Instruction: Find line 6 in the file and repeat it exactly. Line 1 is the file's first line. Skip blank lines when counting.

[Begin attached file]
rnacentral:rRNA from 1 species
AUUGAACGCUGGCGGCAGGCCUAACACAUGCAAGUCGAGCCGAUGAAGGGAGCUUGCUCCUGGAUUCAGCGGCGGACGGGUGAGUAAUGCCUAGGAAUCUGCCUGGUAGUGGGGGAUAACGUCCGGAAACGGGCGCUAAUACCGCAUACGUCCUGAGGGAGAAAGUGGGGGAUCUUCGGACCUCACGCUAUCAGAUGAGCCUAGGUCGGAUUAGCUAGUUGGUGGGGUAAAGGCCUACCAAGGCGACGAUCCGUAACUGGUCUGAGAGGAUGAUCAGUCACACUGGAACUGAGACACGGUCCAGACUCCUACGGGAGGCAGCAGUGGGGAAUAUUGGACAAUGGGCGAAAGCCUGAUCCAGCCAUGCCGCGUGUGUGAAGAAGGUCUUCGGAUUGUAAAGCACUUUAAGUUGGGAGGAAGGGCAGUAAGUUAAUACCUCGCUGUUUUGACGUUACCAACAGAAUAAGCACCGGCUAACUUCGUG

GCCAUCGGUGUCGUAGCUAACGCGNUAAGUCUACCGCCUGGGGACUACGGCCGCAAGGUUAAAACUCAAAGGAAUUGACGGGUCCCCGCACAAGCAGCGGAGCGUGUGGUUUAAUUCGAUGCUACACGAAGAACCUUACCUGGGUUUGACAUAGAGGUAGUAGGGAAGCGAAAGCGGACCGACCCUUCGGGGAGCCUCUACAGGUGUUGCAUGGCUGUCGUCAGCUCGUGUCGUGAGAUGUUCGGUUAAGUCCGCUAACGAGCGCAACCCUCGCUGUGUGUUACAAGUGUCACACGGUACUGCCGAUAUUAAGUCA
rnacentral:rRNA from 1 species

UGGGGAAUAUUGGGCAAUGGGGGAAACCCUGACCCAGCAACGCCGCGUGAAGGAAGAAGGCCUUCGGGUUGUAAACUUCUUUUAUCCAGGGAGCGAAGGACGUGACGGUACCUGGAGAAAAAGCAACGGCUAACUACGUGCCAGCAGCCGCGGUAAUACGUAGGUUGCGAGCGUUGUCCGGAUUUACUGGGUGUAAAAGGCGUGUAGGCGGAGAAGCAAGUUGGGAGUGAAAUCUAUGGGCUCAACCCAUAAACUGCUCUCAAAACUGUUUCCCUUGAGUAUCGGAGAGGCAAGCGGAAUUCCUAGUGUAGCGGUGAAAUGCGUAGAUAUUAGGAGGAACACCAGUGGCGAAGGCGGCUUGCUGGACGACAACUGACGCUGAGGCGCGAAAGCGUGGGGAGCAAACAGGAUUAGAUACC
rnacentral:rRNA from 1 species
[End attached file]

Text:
rnacentral:rRNA from 1 species